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Book Review: Progress in Education from New Labour’s Action Man

A long-term campaign has been conducted against comprehensive education through the mass media. It’s themes are well known: “failing comprehensives”, “falling standards”, “left-wing teachers”, “teachers’ unions”, “local authority bureaucracy” and many other negative tropes. These are all found in abundance in Andrew Adonis’s book Education, Education, Education – Reforming England’s Schools.

Adonis sees himself as pursuing an “unashamedly progressive agenda”, the core of which is the transformation of all of local authority secondary schools into Academies which he claims are the realisation of “the comprehensive ideal in practice”. His argument is that by breaking the influence of local authorities and teachers unions the way has been opened to offer high-quality education for all instead of the few.

The approach is strikingly ideological in that there is no attempt to engage with different points of view. The facts don’t matter because, for Adonis, local authorities are self-evidently a bad thing for school organisation and independent state schools are self-evidently the solution. Facts and figures are occasionally selected to bear his case out. Arguments and data which give a different picture are ignored. Anyone wanting to see the sort of hard evidence he ignores should look at the reports on the City Challenge and London Challenge programmes on the DFE and Ofsted websites respectively.

Even so, Adonis does not manage to be completely consistent. Finland is praised for its top-scoring educational achievements but Adonis fails to mention that 98% of children there attend comprehensive schools run by local authorities. The inconsistency actually breaks out into the open. Having spent almost the entire book rubbishing schools run by local authorities (comprehensives are discussed where there is “no learning”, which are “little different” from secondary moderns, where things “went badly wrong”, wich had “low standards”, and where problems were “exacerbated by hard left ideological hostility” and lots more like that). But on page 209/214 Adonis temporarily slips into a recognition of the achievement of these schools: “In the past 25 years, England has advanced from a ’30 percent system’ [pupils getting five good GCSEs] to a ’60 percent system‘.”, “England’s schools have done well to get from 30 to 60 and to narrow the gap between top and bottom.”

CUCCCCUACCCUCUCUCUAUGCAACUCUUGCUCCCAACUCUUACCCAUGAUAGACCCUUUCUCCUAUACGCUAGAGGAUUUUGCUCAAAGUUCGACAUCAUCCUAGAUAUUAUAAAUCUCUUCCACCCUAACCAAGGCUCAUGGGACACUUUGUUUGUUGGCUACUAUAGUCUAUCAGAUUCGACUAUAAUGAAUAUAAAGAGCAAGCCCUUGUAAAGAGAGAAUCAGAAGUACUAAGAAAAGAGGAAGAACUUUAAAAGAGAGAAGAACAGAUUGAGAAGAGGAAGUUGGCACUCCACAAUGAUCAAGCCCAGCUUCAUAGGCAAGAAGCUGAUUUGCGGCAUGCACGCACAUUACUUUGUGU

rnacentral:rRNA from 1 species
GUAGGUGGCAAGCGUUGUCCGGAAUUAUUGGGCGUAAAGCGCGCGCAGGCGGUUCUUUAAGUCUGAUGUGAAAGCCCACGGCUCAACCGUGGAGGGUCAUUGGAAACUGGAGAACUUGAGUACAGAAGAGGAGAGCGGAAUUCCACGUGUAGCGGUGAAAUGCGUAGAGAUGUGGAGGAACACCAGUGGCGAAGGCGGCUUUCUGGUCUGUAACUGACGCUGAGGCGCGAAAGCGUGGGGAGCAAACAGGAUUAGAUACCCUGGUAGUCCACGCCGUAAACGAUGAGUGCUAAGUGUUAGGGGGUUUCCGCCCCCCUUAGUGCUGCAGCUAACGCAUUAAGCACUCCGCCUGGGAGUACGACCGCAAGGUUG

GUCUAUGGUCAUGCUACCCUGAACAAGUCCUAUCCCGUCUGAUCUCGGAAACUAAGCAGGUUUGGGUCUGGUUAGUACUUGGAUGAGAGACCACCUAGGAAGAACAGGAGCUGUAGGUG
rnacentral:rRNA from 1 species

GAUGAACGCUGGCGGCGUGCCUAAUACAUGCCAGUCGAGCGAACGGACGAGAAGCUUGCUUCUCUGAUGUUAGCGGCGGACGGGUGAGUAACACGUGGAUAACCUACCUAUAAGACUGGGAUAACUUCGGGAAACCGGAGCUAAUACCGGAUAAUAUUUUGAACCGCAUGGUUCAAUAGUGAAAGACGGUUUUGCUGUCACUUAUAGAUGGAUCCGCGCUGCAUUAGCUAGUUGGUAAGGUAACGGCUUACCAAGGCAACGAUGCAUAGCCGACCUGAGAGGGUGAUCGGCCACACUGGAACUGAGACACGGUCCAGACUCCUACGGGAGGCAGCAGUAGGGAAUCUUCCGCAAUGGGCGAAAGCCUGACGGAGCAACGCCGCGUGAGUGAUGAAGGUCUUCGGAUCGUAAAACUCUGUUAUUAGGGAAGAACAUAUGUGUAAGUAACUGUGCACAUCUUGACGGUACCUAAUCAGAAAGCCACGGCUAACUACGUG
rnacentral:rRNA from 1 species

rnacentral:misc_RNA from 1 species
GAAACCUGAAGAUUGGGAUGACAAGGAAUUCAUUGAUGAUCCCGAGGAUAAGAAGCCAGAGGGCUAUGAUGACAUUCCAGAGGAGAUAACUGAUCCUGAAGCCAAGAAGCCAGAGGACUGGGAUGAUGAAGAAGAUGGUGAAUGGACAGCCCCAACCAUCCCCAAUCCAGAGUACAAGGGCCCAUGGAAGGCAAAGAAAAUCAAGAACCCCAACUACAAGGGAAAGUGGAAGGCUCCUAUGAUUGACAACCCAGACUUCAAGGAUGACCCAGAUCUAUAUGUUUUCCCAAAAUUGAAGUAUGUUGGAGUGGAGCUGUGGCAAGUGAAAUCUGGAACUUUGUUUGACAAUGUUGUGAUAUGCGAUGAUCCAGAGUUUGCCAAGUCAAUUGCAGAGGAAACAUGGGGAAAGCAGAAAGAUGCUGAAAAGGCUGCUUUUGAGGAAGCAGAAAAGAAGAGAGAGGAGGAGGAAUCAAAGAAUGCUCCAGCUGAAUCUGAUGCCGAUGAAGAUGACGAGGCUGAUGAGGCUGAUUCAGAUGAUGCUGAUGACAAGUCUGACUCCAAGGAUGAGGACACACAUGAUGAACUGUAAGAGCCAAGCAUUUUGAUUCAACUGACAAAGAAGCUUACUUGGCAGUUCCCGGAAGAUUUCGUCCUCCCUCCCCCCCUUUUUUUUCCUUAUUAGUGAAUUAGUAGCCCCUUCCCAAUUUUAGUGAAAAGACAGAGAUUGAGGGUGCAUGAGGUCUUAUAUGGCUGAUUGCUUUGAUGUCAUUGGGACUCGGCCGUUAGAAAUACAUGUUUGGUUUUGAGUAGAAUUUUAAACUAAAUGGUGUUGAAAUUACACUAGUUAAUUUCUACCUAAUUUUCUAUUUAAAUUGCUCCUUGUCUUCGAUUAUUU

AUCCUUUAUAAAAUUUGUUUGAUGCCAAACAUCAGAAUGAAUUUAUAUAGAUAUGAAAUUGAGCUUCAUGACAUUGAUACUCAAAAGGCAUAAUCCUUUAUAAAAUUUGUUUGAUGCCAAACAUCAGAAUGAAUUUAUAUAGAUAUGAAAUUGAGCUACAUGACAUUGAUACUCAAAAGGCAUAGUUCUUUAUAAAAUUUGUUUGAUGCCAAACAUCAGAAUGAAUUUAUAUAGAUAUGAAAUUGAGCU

This spark of recognition of school achievements is buried under the anti-comprehensive rhetoric that fills most of the book. Another clear indicator of Adonis’ stance is his positive references to the US charter school movement which one-time charter school supporter Diane Ravitch has shown to be an educational disaster in her book The Death and Life of the Great American School System.

Good schools need good teachers and Adonis makes much of this. However, the US case shows that exaggerating the transformative power of teachers can be a backhanded way of doing teachers down. What schools can achieve can never entirely overcome the social setting of the school. If teachers are made into miracle workers then when the miracles don’t happen teachers are blamed. This line of attack is clear in the US and the same theme seems to be developing here and is reflected in Adonis’ book – although, again, he is not entirely consistent.

I found particularly galling the relentless elitism of Adonis’ attitude to HE. He only ever refers positively to the “top universities” alternately Oxbridge, the Russell Group (14 universities) or the “top 30 universities”. If you happen to have got your degree somewhere else, it seems, you might as well dump it in the dustbin now.

Adonis raises a large number of issues beside his central theme of Academy schools. Some of these are important and worth discussing (e.g. his points about the exam system) while others are argued without the slightest attempt to look at evidence (e.g. his proposal to lengthen the school day and the school year, or his suggestion that teachers should have a 3-4 year probationary period). Interestingly, he gives plausible reasons for rejecting Steven Twigg’s new “middle tier” educational administration (between the government and schools). He doesn’t discuss Twigg’s proposal for Academies run by the armed forces.

English schools are being transformed at breakneck speed. More than half of England’s secondary schools have detached themselves from local authorities to become Academies. Gove’s ideological and authoritarian approach leave no room for discussion or consensus. For him individual choice exercised in an educational market is the way raise standards. This completes the work of Kenneth Baker’s 1988 Education Act which started the work of detaching schools from local authorities. Baker also set up proto-Academies in the form of City Technology Colleges. New Labour’s reforms can be seen as a bridge between Baker and Gove.

Anndrew Adonis has few words of praise for others but it he found some for both Michael Gove (e.g. “consolidating the new Academy consensus”) and Kenneth Baker (e.g. “ground breaking reforms”, “creative burst”). He is more subdued about their Labour counterparts. If you want to understand New Labour thinking on education (and nothing else has yet emerged from the Shadow Cabinet) then read this book.

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